Amsterdam’s Red Light District is infamous for its open prostitution. Now, though, it’s being used to raise awareness that what you see may not be what you believe it to be.
We’re working through the meaning of the tenth anniversary of welfare reform, debating important ‘next phase’ issues like marriage and fatherhood and what those mean to helping people leave poverty…permanently. That debate about government’s appropriate role in addressing social need is important. At least equally important is the work or private citizens at the local level, ‘on the street’–figuratively and literally.
A Way Out Victim Assistance, a program of Citizens for Community Values of Memphis run by George Kuykendall and Carol Wiley, is designed “to assist any woman, regardless of race or religious preference, who desires to leave her profession in the sex for sale industry, namely topless dancers and prostitutes, to permanently escape the industry and re-enter society and the work force with a value system that promotes a healthy lifestyle physically, mentally, emotionally and spiritually.”
NPR’s program Marketplace posted an interview on Tuesday about this same great program (audio here): “Citizens for Community Values started as an anti-pornography organization in 1992 and began ministering to strippers three years later. Now it helps all sex workers leave the business. Carol and George get referrals. Sometimes the girls call them directly. And sometimes they drive right up to a hooker on the street and hand her a business card, which is dangerous. Both for them and for her.”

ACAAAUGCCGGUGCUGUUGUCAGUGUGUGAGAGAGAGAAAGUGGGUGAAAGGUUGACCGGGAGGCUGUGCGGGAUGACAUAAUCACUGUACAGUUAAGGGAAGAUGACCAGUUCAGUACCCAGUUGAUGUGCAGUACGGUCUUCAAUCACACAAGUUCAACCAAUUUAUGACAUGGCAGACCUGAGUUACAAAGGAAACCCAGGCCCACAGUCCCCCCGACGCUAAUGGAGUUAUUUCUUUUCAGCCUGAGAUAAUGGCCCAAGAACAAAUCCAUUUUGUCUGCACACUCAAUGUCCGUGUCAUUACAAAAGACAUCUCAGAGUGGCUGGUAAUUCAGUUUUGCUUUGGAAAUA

Local help on the street truly can make a life-changing difference for another human being.
The February 11 issue of WORLD Magazine includes a culture feature, “Giving their names back.” Profiled in the article is Citizens for Community Values (CCV), a nonprofit in Memphis that does a victim assistance program called “A Way Out.” It’s a reclamation program of sorts, literally reclaiming women ensnarled in the sex trade industry, and giving them back their lives, reclamation evidenced by names.
The very nature of the sex industry, be it topless dancing, stripping or prostitution, requires anonymity–no names. And having no name reflects the ultimate devaluation of the human person. One of the women in this program said, “I felt like I was just a joke that God had accidentally made.”
Imago Dei may seem an odd term in this context, but in fact, it is the very core value of “A Way Out”: The reality of the imago Dei, being created in the image of God, having inherent worth, value and dignity. And the excellent way in which just two staff people, George Kuykendall and Carol Wiley empower women with so many problems and issues, oftentimes beaten, drug addicted, dumped naked on a busy street is the reason that the program was selected as a 2005 Acton Institute Samaritan Award Winnner.
While well-meaning Christian leaders protest public funding cuts for poverty and social programs, getting themselves arrested for blocking the entrance to the House office building, other effective compassion workers like George and Carol aren’t focused on whether the ultimate issue is fraud in government programs or tax cuts. Since “A Way Out” doesn’t depend on public funds, George and Carol just keep patiently returning again and again to help the hookers and strippers near the Memphis airport. They just keep connecting them to mentors who help them leave the sex trade, find good work, save money, learn how to live.
Each person has dignity, has value expressed in a name, and effective compassion programs, even very tiny ones in Memphis, are reclaiming those names, one woman at a time. This is the translation of imago Dei that matters.